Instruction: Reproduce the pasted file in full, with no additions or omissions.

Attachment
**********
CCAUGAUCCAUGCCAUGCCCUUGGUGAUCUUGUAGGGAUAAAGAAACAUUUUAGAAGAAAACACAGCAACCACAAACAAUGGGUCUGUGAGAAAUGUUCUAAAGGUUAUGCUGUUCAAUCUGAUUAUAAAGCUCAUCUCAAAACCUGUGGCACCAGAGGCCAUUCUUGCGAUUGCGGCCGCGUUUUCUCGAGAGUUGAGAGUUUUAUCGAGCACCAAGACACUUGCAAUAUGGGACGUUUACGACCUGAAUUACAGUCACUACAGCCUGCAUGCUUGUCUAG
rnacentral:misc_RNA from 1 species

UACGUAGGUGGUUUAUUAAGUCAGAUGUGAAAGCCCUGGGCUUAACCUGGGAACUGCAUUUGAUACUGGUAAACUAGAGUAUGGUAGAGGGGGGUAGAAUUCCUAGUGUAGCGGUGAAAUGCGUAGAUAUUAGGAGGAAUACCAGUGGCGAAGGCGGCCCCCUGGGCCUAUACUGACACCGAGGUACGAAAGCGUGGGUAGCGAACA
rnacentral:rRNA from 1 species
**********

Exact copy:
CCAUGAUCCAUGCCAUGCCCUUGGUGAUCUUGUAGGGAUAAAGAAACAUUUUAGAAGAAAACACAGCAACCACAAACAAUGGGUCUGUGAGAAAUGUUCUAAAGGUUAUGCUGUUCAAUCUGAUUAUAAAGCUCAUCUCAAAACCUGUGGCACCAGAGGCCAUUCUUGCGAUUGCGGCCGCGUUUUCUCGAGAGUUGAGAGUUUUAUCGAGCACCAAGACACUUGCAAUAUGGGACGUUUACGACCUGAAUUACAGUCACUACAGCCUGCAUGCUUGUCUAG
rnacentral:misc_RNA from 1 species

UACGUAGGUGGUUUAUUAAGUCAGAUGUGAAAGCCCUGGGCUUAACCUGGGAACUGCAUUUGAUACUGGUAAACUAGAGUAUGGUAGAGGGGGGUAGAAUUCCUAGUGUAGCGGUGAAAUGCGUAGAUAUUAGGAGGAAUACCAGUGGCGAAGGCGGCCCCCUGGGCCUAUACUGACACCGAGGUACGAAAGCGUGGGUAGCGAACA
rnacentral:rRNA from 1 species